Abbreviations: CHO, Chinese hamster ovary; DIC, differential interference contrast; QPM, quantitative phase microscopy; QWLSI, quadriwave lateral shearing interferometry; wt, wild-type; NA, numerical aperture.

Using the quantitative function of the technique, together with simulation tools, the refractive index of a single tubulin microtubule was determined to be ntubu =2.36±0.6 at a wavelength of 527 nm.

Nanodetection and measurement using deconvolution

A third family of nanodetection consists of subpixel or subvoxel metrology to measure the position of simple, regular structures, such as small particles, or regular patterns using deconvolution, based on the knowledge of the optical transfer function of the optical system. Deconvolution consists of reversing the effects of optical distortion introduced by the imaging system or using a known mathematical function that describes the optical effect when imaging a simple structure, such as a small particle, to locate it more precisely. In materials science, this has been used to measure the 3D distribution of defects inside semiconductor crystals by measuring the intensity response of the particles as a function of either the Gaussian beam profile of the laser beam or the sinc2 longitudinal PSF (point spread function, or optical response of the system to a point source at infinity) of the optical system in LST, giving a measurement uncertainty of 0.1 μm along the optical axis.9,10 This technique has since been used for measuring the positions of individual molecules inside cells using single fluorescence microscopy involving the “superlocalization” of point source photons.13 Another application of deconvolution is in the precise repositioning of a petri dish to within 20 nm in the study of the absorption of apoptotic bodies by fibroblasts, using a carefully designed reference mask.51 The evolution of cell activity can be monitored over long periods of tens of hours by removing the petri dish from a controlled environment for imaging on the microscope at regular intervals and using the mask to correct for positioning errors.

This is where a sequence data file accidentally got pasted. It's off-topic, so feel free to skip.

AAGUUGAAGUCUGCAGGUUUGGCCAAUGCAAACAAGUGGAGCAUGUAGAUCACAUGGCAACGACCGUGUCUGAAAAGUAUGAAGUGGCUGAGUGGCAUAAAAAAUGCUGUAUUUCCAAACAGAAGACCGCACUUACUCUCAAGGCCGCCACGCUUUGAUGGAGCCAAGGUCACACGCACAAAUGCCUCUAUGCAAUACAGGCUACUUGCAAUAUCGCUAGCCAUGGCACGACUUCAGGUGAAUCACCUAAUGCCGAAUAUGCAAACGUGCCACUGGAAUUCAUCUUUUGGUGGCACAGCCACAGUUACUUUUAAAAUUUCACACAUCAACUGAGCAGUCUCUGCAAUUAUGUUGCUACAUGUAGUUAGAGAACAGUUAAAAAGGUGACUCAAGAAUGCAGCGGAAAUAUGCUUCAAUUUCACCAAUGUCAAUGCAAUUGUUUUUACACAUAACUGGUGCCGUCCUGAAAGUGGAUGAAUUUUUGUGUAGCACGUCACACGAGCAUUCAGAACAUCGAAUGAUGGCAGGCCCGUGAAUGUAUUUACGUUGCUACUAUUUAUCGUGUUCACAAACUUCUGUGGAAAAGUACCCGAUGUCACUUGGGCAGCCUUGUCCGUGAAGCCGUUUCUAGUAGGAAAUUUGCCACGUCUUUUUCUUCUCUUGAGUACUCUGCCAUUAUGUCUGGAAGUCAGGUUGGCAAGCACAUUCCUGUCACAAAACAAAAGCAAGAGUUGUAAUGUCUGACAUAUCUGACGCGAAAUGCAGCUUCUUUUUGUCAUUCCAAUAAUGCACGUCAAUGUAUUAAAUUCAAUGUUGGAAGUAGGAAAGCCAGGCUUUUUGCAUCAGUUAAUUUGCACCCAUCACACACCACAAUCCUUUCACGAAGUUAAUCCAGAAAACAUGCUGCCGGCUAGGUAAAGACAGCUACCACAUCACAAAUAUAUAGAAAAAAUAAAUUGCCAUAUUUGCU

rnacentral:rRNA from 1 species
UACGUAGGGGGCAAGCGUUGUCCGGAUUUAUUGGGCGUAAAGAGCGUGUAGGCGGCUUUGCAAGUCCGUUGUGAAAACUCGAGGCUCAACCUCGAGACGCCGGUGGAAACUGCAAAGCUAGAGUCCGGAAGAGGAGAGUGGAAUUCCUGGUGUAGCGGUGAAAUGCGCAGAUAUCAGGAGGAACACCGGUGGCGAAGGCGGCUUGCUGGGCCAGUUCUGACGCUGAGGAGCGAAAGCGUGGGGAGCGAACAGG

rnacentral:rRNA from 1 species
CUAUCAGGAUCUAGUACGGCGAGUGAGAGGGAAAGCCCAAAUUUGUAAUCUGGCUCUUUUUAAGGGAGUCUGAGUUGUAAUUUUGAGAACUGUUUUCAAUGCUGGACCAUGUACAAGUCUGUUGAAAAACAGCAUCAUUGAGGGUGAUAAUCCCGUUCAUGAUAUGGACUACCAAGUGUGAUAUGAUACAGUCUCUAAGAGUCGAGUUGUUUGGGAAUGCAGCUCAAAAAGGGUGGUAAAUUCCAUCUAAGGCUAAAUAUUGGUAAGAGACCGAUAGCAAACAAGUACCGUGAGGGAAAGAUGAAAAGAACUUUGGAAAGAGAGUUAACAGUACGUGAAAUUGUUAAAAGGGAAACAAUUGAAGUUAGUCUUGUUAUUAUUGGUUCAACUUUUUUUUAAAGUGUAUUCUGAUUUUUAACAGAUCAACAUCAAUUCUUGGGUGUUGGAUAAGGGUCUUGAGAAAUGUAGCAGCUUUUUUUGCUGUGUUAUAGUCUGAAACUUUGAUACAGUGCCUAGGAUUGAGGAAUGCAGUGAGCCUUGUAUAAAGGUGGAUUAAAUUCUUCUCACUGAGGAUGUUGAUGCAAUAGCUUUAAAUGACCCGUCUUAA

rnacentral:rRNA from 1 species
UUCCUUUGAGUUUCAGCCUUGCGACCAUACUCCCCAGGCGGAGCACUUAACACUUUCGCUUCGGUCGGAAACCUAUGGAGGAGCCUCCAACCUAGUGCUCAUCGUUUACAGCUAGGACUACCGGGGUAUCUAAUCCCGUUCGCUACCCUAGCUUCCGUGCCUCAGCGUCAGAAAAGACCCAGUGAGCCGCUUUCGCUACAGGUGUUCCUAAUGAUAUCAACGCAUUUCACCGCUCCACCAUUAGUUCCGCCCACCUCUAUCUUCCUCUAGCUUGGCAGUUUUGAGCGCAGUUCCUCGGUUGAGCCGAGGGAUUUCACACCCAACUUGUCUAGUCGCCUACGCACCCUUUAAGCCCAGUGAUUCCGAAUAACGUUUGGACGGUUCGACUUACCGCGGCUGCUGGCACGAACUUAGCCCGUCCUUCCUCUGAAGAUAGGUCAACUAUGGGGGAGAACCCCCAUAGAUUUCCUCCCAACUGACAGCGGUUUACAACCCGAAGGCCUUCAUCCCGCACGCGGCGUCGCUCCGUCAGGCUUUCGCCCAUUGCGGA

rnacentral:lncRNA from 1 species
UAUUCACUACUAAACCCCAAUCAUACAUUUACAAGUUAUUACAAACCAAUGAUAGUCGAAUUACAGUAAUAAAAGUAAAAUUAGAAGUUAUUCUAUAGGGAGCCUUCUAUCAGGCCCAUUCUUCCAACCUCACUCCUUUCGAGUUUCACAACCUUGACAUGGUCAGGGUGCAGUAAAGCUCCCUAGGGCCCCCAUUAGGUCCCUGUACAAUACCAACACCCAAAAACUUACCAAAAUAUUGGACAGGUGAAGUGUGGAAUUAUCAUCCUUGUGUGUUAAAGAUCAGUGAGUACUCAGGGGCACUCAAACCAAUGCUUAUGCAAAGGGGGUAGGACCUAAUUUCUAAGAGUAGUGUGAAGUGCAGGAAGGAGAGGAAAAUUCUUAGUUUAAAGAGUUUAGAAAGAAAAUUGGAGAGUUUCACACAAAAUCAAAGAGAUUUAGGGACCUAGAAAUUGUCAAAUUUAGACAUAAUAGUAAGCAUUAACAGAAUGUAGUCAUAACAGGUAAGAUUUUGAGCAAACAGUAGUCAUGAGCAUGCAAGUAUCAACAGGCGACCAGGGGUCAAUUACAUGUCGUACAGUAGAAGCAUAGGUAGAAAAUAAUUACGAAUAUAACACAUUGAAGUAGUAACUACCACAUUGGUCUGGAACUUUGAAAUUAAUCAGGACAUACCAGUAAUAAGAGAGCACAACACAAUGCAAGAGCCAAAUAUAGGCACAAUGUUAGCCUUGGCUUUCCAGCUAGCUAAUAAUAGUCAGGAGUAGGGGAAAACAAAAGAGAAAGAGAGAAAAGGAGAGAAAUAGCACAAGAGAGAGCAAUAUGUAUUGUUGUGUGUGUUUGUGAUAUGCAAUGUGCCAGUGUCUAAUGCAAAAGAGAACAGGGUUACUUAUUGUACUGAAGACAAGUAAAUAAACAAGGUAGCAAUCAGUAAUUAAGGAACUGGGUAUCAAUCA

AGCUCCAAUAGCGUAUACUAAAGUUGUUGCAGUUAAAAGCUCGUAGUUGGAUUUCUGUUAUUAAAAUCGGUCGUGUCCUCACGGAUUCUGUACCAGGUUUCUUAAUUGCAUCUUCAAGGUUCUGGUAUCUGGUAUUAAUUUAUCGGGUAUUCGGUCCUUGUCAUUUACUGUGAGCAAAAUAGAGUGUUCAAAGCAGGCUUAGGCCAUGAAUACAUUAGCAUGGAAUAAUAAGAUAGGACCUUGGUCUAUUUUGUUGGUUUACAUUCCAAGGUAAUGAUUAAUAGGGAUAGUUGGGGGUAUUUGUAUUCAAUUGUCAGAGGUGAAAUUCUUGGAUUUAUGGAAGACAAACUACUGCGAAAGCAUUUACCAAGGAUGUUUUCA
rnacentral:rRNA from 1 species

Nanodetection and measurement using nanomarkers

If in materials science it has been possible to make use of “native” nanomarkers such as microprecipitates in crystals to reveal the effects of annealing11 or the local variations in strain fields to reveal atomic sized dislocations in semiconductors,18 in biological materials it is the use of “foreign” markers such as fluorophores and AuNP that are finding extensive use in the study of cell type and structure. Such labeling represents a large step forward in optical microscopy for the life sciences. The particularity of these techniques is that although they are not resolvable, nanomarkers appear as point sources and can be used to mark the positions of nanometric structures and so build up finer details of normally unresolved biological structures.

Two-photon microscopy and AuNP mapping

For example, in combination with two photon microscopy, single 5 nm-AuNP’s have been used to map out the nanometric structure of collagen fibers by moving them along the fiber by means of a photoacoustic effect from a pulsed laser.52 But, it is the use of stochastically controlled fluorophores in confocal fluorescence microscopy that is a major emerging technique for very high resolution imaging of biological samples.